Burning Books | Reflection

Books seem to be so innocent at first glance. However amongst the thin pages are the ideas of one other, laying there for the reader to decipher and make their own. Opinions and ideas can be scary and threatening, especially when coming from an opposing force or belief system. The burning of books was introduced particularly because of this discord.

Austin Cline’s article discusses the burning of books during the Second World War and its connection to the Holocaust. In order to contain and eventually obviate the messages of the degenerates within the German nation, the Nazis burned the books which advocated their ideas. These books grew from ones mind and thus makes “Burning books and burning people [connected] because both stem from a desire to eliminate ideas that are a threat to the some group or ideology”.

In the novel Fahrenheit 451 we are presented with a similar situation. The freedom of thought is censored and limited. Books are burned to eliminate any further knowledge of the individual. During the novel the main character, Montag, sympathizes the authors who poured their minds and souls into their works. He even compares the burning of the books to burning the author who wrote each one, similar to what was discussed in Austin Cline’s article.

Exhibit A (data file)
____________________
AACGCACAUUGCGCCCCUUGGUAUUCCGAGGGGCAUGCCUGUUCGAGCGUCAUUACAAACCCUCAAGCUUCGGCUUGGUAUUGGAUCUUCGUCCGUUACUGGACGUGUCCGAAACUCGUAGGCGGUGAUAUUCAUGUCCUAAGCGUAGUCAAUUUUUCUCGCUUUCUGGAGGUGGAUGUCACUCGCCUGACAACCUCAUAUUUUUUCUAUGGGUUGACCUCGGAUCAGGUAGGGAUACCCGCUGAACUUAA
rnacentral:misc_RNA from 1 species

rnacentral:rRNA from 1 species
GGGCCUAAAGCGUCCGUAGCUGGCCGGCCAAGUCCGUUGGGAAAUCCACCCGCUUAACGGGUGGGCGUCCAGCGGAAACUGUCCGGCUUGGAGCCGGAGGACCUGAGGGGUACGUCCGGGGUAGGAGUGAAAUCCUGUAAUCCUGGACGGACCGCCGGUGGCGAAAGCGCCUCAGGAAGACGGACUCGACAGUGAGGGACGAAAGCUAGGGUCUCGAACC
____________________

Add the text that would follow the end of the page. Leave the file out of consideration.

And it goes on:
Knowledge is so uncontrollable, it expands day to day. Both as a whole and between different brains. Fighting it with something as uncontrollable as fire reminds me of fighting a grease fire with water. Ironically book burning has become this moment in history, this source of knowledge that so many have written about and expanded – Heinrich Heine even predicted it!

Maggie Whelan

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2 thoughts on “Burning Books | Reflection

  1. I loved your comment that the people have a natural lust for knowledge and, as strong as it is, controlling it is like trying to put of a grease fire with water; close to impossible. And so with this great inference, we can see why once Montag first tastes calming and delicious waters of knowledge, brought on by Clarisse, he is thirsty for more, and he will do anything to have another sip. Thanks for the brilliant connection to this idea!

    -Kristen

  2. Interesting that you centered it…I almost felt a little poetry from time to time! (Particularly at the line that ends in “discord.”)

    I agree that knowledge is pretty uncontrollable (humans tend to thirst for it, after all,,,keeps getting us in trouble!) and I like how you hit upon the book burning as a kind of turning point. Hmm…now I’m thinking of science and equal and opposite reactions…

    -Ms. M

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